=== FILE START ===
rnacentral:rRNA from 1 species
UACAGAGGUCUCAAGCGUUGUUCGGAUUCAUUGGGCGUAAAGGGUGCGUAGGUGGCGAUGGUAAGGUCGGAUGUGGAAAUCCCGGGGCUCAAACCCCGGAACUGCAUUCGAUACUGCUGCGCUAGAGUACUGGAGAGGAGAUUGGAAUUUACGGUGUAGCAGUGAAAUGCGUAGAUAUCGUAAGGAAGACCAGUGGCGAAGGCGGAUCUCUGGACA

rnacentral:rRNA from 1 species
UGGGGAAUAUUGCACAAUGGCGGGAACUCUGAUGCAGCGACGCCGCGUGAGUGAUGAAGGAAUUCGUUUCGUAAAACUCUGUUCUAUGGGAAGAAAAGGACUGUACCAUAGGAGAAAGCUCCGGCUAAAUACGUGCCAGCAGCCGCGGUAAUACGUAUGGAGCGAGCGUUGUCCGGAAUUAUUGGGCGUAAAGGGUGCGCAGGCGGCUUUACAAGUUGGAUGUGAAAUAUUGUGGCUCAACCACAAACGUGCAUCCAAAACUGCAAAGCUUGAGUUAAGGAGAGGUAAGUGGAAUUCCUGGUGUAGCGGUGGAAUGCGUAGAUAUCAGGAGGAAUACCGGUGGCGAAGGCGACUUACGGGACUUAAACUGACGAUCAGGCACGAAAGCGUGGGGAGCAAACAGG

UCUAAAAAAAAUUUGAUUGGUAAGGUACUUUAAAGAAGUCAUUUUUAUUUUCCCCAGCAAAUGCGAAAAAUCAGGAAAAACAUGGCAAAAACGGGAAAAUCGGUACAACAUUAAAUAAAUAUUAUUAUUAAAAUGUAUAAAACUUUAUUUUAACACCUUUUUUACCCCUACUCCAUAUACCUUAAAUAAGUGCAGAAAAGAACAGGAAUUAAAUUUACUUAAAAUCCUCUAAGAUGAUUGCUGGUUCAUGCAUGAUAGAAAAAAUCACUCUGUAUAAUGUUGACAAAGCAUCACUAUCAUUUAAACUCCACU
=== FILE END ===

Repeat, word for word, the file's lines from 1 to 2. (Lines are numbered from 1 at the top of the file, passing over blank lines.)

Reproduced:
rnacentral:rRNA from 1 species
UACAGAGGUCUCAAGCGUUGUUCGGAUUCAUUGGGCGUAAAGGGUGCGUAGGUGGCGAUGGUAAGGUCGGAUGUGGAAAUCCCGGGGCUCAAACCCCGGAACUGCAUUCGAUACUGCUGCGCUAGAGUACUGGAGAGGAGAUUGGAAUUUACGGUGUAGCAGUGAAAUGCGUAGAUAUCGUAAGGAAGACCAGUGGCGAAGGCGGAUCUCUGGACA